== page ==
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ICE permit applications vague on office use

Neighbors say detention facility violates restrictive covenants of property. Neighbors say detention facility violates restrictive covenants of property.

Permit applications submitted by a contractor give no details indicating the law enforcement and detention functions that would take place in an office next to a women's medical clinic and across from Pardee Hospital.

The 4,724-square-foot building at 518 Sixth Avenue West has been leased by the federal government for the Immigration and Customs Enforcement under the Department of Homeland Security. Contractors are continuing work at the site under a building permit issued last October. The actual use of the building was not widely known until adjoining property owners and Pardee officials wondered why the tenant had enclosed the back parking lot in an eight-foot chain-link fence topped by barbed wire.
"It violates common sense and patient safety to have pregnant women and their children who are visiting their physician to be subjected to such a facility and to be exposed within feet to individuals that require barb wire to be contained and/or restrained," Pardee's chief financial officer, Alan House, told Henderson County commissioners during a meeting on May 16.
Last week Henderson County Manager Steve Wyatt, Sheriff Charlie McDonald, City Manager Bo Ferguson, Pardee chief financial officer Alan House and Michele Cassone, the leader of the Hendersonville Elks Lodge, spoke in a telephone conference call with federal officials from three different agencies and conveyed their concerns about the ICE facility, at the southwest corner of Sixth Avenue and Justice Street in Hendersonville.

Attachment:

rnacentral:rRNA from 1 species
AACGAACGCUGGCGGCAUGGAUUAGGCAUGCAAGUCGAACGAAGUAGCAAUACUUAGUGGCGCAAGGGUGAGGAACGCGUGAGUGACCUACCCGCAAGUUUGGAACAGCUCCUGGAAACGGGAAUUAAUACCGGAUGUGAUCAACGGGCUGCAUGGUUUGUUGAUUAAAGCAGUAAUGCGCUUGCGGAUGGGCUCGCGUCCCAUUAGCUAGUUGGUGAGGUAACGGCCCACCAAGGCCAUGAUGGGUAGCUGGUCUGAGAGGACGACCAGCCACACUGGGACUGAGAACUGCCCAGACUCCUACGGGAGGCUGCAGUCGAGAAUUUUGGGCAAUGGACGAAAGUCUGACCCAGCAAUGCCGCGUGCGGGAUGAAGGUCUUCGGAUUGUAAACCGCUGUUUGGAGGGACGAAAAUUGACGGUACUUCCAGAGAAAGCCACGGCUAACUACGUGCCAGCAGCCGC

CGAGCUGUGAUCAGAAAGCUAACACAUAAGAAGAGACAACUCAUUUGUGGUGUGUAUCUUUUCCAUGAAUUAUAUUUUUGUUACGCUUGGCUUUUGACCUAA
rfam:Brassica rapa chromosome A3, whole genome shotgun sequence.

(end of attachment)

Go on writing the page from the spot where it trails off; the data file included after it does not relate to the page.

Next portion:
City officials are withholding issuance of a certificate of occupancy until federal officials clarify the ICE plans.
"We found a room that appeared to be for interviewing and detention" of suspected violators of immigration laws, Ferguson said. "They would need to clarify how they intend to use the building. At this point they are not going to get a C.O. until we get clarification" about the use.
Wise Developments LLC, of Mount Airy, bought the building in July 2010 for $750,000, tax records show. The property is assessed for tax purposes at $581,200 in the most recent county property appraisal. E.D. Bray III of Mount Airy is listed as agent and manager for Wise, state corporate records show.
In a zoning permit application on Feb. 16, 2011, the contractor for the work, Blue Ridge Enterprises of Mount Airy, described the work as, "Renovate building to general services office building." Office use was no change from the current use, so the zoning permit sailed through without raising a flag. A building permit issued last October described the work as "General Services/ICE renovations" but still said nothing about interrogation or detention rooms that city officials now say are non-compliant with the office zoning.
Even if it can get past the city's now heightened sensitivity to what looks like a jail facility covering a half block across from the county-owned hospital, ICE faces the hurdle of restrictive covenants, which regulate what can go on the land.
The 1978 covenants declare that the property "will be used exclusively as professional offices." Further, they say that the restrictions are intended to maintain "excellence in land use, site design, and building design" and to make the development "as a whole an amenity to their professions, their colleagues, the public, the city of Hendersonville and the environment."